He is adored.


He is my hero.


  1. Meri- today 2/13 is 2 years for us. I have read your blog as long as I can remember but as my boys (Jackson non Type 1 6 year) and Joshua Type 1 (3yrs old) are getting bigger your blog speaks to me more and more each time. It is special to be a mom of mulitple boys and even bigger to be a mom of type 1 boys! thank you for you blog you are appriciated

  2. Thanks for sharing your middle dx story. For sure the "is he/isn't he" ride wouldn't be fun.

    I would also think that an endo would be more...I don't know...caring. Especially with the second dx in one family. When you get your first dx you don't know really know how life changing it is right at first.

    We are coming up on Brooke's first diaversary. I blogged about it yesterday. I can't decide how I feel about marking the day.

  3. awww...this post brought tears to my eyes. He sounds like an awesome little boy, give him a hug from us.

    Do you celebrate the Diaversary even though he may not remember the diagnosis? We struggle with this since our little one was 15 months...hmmm.

  4. He is a lucky young man to be part of your family!
    And such a cute guy! His smile in the photo on the left, just makes me grin.

  5. I was HORRIFIED to hear that that endo was so callous to the mother of a second diagnosed child. How DARE he! I hope to never be that mean to one of my patient's mothers (I also hope that diabetes is cured by then).

    That whole "is he/isn't he" roller coaster actually sounds like me. I was diagnosed with reactive hypoglycemia three years ago, and at first I thought nothing of it. After all, my father has it, too. But after a while, especially when I ate too many carbs, I started to see big spikes--as high as the 190's. My endo says it's nothing, but he's never given me a real explanation for the highs when I'm only supposed to see lows. I made him test me for T1 this summer, and the tests came back negative, but I'm not so sure. Especially if it's LADA, wouldn't it wait for a looong time to show up? I'm going to make him give me an explanation the next time I see him, but I think the "am I/aren't I" argument will continue until the lows go away or until I'm dianosed with either T1 or T2.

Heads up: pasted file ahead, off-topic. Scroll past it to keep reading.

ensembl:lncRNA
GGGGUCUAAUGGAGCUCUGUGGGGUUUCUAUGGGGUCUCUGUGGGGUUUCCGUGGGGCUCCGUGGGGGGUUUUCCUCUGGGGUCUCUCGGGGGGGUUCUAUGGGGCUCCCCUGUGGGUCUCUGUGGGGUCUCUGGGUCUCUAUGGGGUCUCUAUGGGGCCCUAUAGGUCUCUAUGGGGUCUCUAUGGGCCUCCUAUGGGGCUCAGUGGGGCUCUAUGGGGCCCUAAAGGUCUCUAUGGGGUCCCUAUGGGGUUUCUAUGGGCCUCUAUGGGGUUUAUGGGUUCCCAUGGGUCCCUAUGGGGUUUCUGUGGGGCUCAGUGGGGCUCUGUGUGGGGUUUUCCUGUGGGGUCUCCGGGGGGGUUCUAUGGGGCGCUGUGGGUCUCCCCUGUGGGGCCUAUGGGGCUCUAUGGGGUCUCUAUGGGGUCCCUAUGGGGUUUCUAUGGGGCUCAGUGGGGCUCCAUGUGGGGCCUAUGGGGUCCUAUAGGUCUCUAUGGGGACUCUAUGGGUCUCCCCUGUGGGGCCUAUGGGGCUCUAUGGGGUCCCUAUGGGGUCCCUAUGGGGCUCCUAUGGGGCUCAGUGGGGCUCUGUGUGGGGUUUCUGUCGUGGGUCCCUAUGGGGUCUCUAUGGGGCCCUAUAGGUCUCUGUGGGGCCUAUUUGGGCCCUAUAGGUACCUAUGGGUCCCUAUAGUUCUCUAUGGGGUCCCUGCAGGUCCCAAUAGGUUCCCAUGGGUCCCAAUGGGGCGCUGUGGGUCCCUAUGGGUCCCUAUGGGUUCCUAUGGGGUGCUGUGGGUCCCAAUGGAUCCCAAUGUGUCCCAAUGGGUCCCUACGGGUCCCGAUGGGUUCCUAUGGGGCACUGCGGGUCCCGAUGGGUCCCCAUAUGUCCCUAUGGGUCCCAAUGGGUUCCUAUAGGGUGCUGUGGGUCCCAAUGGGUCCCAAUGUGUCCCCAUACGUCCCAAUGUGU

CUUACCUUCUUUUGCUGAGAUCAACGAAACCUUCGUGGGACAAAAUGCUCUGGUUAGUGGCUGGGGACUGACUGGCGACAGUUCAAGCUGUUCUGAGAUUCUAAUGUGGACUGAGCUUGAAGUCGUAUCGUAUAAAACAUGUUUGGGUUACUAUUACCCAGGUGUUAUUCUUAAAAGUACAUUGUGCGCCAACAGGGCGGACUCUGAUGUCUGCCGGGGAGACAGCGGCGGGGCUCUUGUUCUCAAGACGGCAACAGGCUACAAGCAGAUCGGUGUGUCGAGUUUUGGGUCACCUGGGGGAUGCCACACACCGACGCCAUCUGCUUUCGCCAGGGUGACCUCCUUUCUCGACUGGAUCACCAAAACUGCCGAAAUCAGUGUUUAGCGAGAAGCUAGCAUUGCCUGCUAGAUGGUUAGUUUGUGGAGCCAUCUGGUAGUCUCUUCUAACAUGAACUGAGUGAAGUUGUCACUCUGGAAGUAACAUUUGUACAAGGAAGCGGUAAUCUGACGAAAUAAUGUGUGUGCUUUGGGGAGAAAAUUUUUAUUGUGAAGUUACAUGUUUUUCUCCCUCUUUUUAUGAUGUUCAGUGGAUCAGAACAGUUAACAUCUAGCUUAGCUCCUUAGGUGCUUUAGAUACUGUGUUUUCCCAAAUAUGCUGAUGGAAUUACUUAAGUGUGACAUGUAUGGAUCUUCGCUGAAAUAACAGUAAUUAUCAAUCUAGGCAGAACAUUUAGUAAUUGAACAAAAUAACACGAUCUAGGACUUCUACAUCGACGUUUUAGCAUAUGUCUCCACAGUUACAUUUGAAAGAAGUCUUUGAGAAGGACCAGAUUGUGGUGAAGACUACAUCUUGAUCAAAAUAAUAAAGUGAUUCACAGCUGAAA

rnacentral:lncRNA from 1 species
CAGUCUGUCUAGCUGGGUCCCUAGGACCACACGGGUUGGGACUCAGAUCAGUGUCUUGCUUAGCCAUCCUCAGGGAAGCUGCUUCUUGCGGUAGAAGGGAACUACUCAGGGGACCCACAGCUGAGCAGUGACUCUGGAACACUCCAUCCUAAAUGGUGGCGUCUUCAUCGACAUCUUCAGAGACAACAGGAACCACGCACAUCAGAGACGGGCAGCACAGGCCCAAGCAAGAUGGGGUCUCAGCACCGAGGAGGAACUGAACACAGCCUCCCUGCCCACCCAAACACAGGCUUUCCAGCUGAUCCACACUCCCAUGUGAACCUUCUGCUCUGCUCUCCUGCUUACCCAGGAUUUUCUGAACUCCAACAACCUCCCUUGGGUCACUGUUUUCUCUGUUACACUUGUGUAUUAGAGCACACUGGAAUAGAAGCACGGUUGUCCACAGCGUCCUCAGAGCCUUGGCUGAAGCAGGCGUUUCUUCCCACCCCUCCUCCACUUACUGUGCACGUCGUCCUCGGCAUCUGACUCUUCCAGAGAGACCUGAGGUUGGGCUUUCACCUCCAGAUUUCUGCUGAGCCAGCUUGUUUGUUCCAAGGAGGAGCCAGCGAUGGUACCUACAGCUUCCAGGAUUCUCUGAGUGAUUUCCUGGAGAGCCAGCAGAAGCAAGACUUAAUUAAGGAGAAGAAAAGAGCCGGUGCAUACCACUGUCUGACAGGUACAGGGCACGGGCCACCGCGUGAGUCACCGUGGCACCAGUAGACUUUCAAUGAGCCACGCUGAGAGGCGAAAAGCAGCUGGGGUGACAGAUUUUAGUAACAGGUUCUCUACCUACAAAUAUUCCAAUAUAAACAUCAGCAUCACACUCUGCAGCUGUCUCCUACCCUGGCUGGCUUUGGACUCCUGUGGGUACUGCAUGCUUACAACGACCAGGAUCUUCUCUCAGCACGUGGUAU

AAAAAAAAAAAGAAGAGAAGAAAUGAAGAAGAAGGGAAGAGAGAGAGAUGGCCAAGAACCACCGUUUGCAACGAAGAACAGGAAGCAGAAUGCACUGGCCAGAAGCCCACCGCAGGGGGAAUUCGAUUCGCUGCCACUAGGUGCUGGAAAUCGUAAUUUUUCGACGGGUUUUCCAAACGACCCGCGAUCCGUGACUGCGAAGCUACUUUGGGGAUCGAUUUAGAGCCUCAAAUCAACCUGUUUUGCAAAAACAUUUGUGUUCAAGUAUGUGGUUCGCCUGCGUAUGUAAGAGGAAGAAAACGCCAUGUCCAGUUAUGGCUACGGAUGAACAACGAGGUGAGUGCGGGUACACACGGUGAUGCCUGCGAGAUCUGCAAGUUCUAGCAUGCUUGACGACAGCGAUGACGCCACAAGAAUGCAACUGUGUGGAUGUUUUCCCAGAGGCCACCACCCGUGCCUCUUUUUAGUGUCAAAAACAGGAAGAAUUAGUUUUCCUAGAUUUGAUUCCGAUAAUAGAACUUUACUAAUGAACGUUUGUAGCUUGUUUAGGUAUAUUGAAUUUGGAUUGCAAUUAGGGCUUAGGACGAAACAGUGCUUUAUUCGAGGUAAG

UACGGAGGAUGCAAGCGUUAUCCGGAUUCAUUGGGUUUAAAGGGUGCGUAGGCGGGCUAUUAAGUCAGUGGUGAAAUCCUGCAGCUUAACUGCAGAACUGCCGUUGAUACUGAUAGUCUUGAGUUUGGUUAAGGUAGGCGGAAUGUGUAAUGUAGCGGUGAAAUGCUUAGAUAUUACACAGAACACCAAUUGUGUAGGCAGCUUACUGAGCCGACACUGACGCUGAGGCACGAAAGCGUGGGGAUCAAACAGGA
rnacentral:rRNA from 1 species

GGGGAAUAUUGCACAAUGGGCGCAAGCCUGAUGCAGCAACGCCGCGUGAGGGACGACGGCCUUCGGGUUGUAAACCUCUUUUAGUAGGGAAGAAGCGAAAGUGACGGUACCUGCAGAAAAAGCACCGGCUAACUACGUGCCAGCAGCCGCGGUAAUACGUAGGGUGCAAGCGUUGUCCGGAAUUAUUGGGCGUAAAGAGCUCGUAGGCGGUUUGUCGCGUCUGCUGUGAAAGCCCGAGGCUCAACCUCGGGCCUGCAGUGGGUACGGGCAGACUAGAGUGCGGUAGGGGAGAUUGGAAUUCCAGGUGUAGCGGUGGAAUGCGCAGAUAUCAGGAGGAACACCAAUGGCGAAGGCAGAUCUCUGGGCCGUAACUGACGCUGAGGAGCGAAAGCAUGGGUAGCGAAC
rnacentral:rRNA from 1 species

6. Thanks for sharing this story, Meri. Sounds like you have a great guy in your L, along with all the rest of your guys there! Oh, and for the record: I'm watching our DVR-recorded episode of Once Upon a Time right now as I write this... :))

  7. Geez. No dx would be fun. Or even ok. What a crappy doctor....

    I can only imagine how hard that was - knowing what you already knew about T1. It makes a little bit glad that Sweets was so sick there was no doubt. Well... You know what I mean.

    Here's to an amazing kid and an amazing Mama and an amazing family! Celebrate this day- because you have so very much to celebrate!!

  8. awww, Meri, that sounds like Isaac's dx...I knew at about 16 months - I got one random BG reading that was in the 200's, one. Then he'd be low, then high, then low, then really low...finally I felt like enough was enough one Halloween, several cups of juice and a banana later his BG read HI at that point I threw in the towel knowing I could no longer live with my head in the sand hoping for it to not be true. Our boys were diagnosed young, but they are incredible strong through it all. Whether a first dx, second, third...whatever I can't imagine the news ever being taken lightly. I am glad to know that you have such an incredible husband there by your side through it all you guys are a very inspiring team. Happy V-day early :)

  9. I celebrated 9 years with diabetes this past weekend but I am not sure if that was actually my diaversary. I had a messy diagnosis story kind like L. My blood sugar was 208 at an urgent care visit (for a kidney infection), I took glucophage for a week, and it went back to "normal" for a few months. But in February 2003 I ended up in the hospital with DKA, accurately diagnosed, and put on insulin.

    And I'm not a fan of that endo of yours either. :(

  10. big hugs from me and my L to you and your L. and everyone else. :)